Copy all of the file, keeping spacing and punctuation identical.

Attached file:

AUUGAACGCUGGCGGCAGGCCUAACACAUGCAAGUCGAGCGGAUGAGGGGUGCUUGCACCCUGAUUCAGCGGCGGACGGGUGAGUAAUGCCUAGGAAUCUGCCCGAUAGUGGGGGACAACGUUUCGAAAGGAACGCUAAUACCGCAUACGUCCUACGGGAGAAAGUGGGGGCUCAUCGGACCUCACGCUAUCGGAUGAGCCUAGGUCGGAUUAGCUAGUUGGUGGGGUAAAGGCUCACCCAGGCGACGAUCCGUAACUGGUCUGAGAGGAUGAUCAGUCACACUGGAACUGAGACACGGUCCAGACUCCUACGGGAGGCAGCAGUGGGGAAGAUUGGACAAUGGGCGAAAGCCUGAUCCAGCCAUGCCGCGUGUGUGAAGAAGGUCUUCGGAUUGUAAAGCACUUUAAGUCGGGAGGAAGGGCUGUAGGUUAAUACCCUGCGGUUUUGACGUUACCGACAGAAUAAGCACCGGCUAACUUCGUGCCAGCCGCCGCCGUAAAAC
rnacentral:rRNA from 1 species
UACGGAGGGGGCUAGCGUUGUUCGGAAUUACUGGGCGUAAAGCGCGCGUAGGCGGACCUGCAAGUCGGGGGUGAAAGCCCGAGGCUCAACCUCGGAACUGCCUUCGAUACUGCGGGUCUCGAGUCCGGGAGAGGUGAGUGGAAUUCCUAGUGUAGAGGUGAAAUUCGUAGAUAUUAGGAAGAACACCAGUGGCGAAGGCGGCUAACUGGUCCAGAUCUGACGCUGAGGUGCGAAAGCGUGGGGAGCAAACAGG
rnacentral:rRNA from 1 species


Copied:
AUUGAACGCUGGCGGCAGGCCUAACACAUGCAAGUCGAGCGGAUGAGGGGUGCUUGCACCCUGAUUCAGCGGCGGACGGGUGAGUAAUGCCUAGGAAUCUGCCCGAUAGUGGGGGACAACGUUUCGAAAGGAACGCUAAUACCGCAUACGUCCUACGGGAGAAAGUGGGGGCUCAUCGGACCUCACGCUAUCGGAUGAGCCUAGGUCGGAUUAGCUAGUUGGUGGGGUAAAGGCUCACCCAGGCGACGAUCCGUAACUGGUCUGAGAGGAUGAUCAGUCACACUGGAACUGAGACACGGUCCAGACUCCUACGGGAGGCAGCAGUGGGGAAGAUUGGACAAUGGGCGAAAGCCUGAUCCAGCCAUGCCGCGUGUGUGAAGAAGGUCUUCGGAUUGUAAAGCACUUUAAGUCGGGAGGAAGGGCUGUAGGUUAAUACCCUGCGGUUUUGACGUUACCGACAGAAUAAGCACCGGCUAACUUCGUGCCAGCCGCCGCCGUAAAAC
rnacentral:rRNA from 1 species
UACGGAGGGGGCUAGCGUUGUUCGGAAUUACUGGGCGUAAAGCGCGCGUAGGCGGACCUGCAAGUCGGGGGUGAAAGCCCGAGGCUCAACCUCGGAACUGCCUUCGAUACUGCGGGUCUCGAGUCCGGGAGAGGUGAGUGGAAUUCCUAGUGUAGAGGUGAAAUUCGUAGAUAUUAGGAAGAACACCAGUGGCGAAGGCGGCUAACUGGUCCAGAUCUGACGCUGAGGUGCGAAAGCGUGGGGAGCAAACAGG
rnacentral:rRNA from 1 species